Wil is an intriguing protagonist too.  She's an exceptional fighter, a clever and talented artist, a compassionate and nurturing mother-figure to the younger members of her band, and she takes her responsibilities very seriously.   The strength of her character is impressive, and I also loved that she could be snarky and fun sometimes too.  She's an amazing character to get to know.  And almost matched by how awesome it was to get to know the vigilante Black Knife.  He is an interesting enigma, but so wonderfully admirable, and I loved that Wil grew to appreciate that about him.  Their relationship was another great aspect to this story.  And as if there wasn't enough to this story, it's also wonderful to have a little mystery about who Black Knife is behind the mask!

I absolutely loved diving into the world of this book.  There's so much to the plot, the characters and the world-buliding that it was totally engrossing and a vivid and emotional read.  Unfortunately it comes with a pretty hefty cliffhanger - one that made me flip pages back and forth, just to make sure I wasn't missing something.  Ugh, the anguish!  But I'm only so upset over it because I loved the book so much!
Monday, February 1, 2016

Truthwitch Read-along Kick-off

Posted by Charlene // Tags: , , ,

Today's the start of our Truthwitch read-along!  To re-cap - it's for the month of February and we will feature discussion questions and giveaways every week, culminating in a twitter chat for all the participants and Witchlanders. Here’s the planned schedule for the read-along:

Week 1
Feb 1-8 // Chapters 1-9
Hosted by Charlene @ Bookish Whimsy
Character spotlight: Safiya

Week 2
Feb 9-15 // Chapters 10-19
Hosted by Olivia @ Candid Cover
Character spotlight: Iseult

Week 3
Feb 16-22 // Chapters 20-29
Hosted by Kim @ Dreaming in Libraries
Character spotlight: Merik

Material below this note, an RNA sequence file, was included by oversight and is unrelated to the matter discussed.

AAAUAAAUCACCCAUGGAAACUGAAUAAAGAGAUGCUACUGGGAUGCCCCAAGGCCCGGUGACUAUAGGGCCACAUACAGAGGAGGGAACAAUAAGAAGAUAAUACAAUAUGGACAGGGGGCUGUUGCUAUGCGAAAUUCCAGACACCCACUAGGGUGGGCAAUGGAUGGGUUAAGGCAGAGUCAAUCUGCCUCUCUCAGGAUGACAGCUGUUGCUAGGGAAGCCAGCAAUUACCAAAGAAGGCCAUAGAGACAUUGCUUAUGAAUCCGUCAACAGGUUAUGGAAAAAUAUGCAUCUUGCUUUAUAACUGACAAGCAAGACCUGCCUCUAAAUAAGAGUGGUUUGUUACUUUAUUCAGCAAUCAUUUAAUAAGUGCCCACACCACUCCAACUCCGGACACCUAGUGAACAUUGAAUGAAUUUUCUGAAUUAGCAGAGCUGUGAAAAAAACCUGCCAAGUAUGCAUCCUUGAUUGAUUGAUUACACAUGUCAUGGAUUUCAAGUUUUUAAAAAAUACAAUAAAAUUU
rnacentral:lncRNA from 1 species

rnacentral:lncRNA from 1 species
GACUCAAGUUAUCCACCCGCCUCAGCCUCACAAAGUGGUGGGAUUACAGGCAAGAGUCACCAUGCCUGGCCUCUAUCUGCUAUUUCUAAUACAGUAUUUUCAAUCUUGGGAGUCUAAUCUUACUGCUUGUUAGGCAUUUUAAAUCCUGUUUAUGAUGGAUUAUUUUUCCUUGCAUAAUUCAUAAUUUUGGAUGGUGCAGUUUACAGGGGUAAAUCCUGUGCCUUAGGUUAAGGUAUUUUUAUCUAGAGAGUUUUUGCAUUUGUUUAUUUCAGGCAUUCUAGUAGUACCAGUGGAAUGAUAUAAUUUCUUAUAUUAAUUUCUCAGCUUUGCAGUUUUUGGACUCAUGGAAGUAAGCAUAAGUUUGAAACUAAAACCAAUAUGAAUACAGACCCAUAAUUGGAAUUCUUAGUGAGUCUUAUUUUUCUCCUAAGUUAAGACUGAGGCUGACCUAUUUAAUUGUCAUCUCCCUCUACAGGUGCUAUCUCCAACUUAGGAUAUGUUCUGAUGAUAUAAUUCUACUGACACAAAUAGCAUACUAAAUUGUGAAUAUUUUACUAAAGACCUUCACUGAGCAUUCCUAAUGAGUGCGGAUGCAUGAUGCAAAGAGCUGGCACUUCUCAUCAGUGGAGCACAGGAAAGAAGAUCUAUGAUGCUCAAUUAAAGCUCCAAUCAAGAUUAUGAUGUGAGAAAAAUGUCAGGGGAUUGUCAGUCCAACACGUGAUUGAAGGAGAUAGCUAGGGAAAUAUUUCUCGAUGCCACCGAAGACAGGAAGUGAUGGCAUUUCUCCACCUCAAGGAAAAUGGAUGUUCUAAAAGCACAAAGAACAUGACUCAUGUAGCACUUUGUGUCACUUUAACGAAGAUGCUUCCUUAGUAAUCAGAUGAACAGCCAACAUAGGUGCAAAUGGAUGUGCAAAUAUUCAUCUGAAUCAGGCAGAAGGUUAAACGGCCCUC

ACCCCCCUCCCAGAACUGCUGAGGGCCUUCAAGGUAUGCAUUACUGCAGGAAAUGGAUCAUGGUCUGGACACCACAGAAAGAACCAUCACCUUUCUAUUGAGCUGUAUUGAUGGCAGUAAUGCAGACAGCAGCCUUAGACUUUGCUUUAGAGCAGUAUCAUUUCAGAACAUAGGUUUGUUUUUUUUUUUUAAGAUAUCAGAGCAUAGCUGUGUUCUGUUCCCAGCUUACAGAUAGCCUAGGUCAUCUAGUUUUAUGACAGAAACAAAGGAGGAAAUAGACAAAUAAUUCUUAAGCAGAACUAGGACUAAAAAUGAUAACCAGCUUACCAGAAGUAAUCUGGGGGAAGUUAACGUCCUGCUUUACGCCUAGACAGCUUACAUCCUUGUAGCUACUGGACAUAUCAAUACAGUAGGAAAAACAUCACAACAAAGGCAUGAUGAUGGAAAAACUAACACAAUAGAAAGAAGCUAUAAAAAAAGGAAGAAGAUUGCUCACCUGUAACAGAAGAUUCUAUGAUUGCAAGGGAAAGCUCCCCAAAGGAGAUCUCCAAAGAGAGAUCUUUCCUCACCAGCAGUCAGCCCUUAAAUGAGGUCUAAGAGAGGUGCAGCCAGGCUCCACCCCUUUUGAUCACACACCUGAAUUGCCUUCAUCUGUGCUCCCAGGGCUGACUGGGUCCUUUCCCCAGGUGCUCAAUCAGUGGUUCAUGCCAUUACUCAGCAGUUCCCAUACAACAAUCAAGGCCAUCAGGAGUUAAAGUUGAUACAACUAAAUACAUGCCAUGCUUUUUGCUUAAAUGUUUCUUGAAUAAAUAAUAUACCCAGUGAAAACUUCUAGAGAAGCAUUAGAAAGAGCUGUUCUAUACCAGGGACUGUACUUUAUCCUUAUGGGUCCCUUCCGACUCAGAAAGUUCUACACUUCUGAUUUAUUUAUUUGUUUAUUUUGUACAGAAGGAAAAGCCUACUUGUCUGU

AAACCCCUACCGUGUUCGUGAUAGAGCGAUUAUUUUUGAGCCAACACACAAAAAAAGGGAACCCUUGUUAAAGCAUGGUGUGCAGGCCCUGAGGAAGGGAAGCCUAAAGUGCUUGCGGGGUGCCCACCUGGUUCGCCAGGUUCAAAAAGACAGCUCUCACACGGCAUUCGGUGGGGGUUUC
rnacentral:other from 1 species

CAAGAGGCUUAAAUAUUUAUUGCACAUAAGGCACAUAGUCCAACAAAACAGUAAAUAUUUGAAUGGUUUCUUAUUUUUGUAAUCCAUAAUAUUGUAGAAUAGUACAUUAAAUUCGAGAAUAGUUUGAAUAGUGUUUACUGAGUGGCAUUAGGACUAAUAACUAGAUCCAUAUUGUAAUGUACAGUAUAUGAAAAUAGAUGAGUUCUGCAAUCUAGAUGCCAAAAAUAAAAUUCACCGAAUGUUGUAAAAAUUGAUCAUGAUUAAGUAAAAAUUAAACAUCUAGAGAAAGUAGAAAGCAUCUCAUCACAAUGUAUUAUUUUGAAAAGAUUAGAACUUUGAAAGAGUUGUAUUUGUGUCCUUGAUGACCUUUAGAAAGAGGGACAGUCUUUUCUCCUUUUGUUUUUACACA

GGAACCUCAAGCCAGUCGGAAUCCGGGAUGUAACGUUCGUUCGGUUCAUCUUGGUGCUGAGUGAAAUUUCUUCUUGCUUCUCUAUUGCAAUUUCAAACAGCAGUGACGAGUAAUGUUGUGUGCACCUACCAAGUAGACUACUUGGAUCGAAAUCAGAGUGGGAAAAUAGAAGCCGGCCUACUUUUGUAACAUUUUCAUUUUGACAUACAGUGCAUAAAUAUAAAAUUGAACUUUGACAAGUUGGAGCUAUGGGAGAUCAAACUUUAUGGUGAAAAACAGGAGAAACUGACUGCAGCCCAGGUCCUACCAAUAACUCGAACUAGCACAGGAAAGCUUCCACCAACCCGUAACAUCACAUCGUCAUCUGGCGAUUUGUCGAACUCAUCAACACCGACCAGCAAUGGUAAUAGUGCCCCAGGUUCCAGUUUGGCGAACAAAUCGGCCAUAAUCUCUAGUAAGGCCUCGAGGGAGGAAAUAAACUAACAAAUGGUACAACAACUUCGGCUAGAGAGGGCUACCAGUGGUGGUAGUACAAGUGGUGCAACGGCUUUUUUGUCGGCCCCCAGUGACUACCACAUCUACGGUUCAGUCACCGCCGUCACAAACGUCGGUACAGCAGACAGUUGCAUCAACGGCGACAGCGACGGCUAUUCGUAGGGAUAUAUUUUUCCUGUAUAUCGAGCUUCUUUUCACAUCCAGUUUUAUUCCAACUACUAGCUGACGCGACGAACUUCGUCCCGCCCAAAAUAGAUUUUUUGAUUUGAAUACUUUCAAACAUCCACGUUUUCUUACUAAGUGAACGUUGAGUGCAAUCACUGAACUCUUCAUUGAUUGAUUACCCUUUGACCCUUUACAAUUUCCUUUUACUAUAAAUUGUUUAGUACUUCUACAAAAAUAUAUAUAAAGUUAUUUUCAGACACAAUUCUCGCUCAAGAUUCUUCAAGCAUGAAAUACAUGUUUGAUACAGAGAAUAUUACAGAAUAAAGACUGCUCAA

Week 4
Feb 23-29 // Chapters 30-End
Hosted by Carine @ Ceres Book World
Character spotlight: Aeduan

Feb 28 - Twitter Chat at 10am EST, use #TWReadalong

By February 8th, we hope you will have read the first nine chapters of Truthwitch, and to help you prepare here are some questions to answer for your first week's discussion post:

Discussion Questions

  1. Safi and Iseult are fantastic fighters.  Have you ever wanted to learn how to fight/take self-defense classes or have you already?  Tell us about your reasoning/experience!
  2. Of these specialized witcheries revealed so far (truthwitch, threadwitch, bloodwitch, wordwitch, windwitch, voicewitch) which power would you like to have and why?
  3. The beginning of the book already features political intrigue, Safi and Iseult trying to get away, and the mystery of cleaving.  Which plot point interests you the most so far, and why?
  4. Share a favorite quote from the book!
  5. Character Spotlight: Safiya |  Talk about what you like or dislike about Safi.  Do you identify with her in any way?  What do you think about her actions so far? 

This Friday, February 5th, I'll post my answers to the discussion questions, but feel free to post your discussion at any time!  Please do add your discussion post link to the linky below when it's ready.  I'll also have a special giveaway of a Truthwitch tote bag, so check back on the 5th to enter!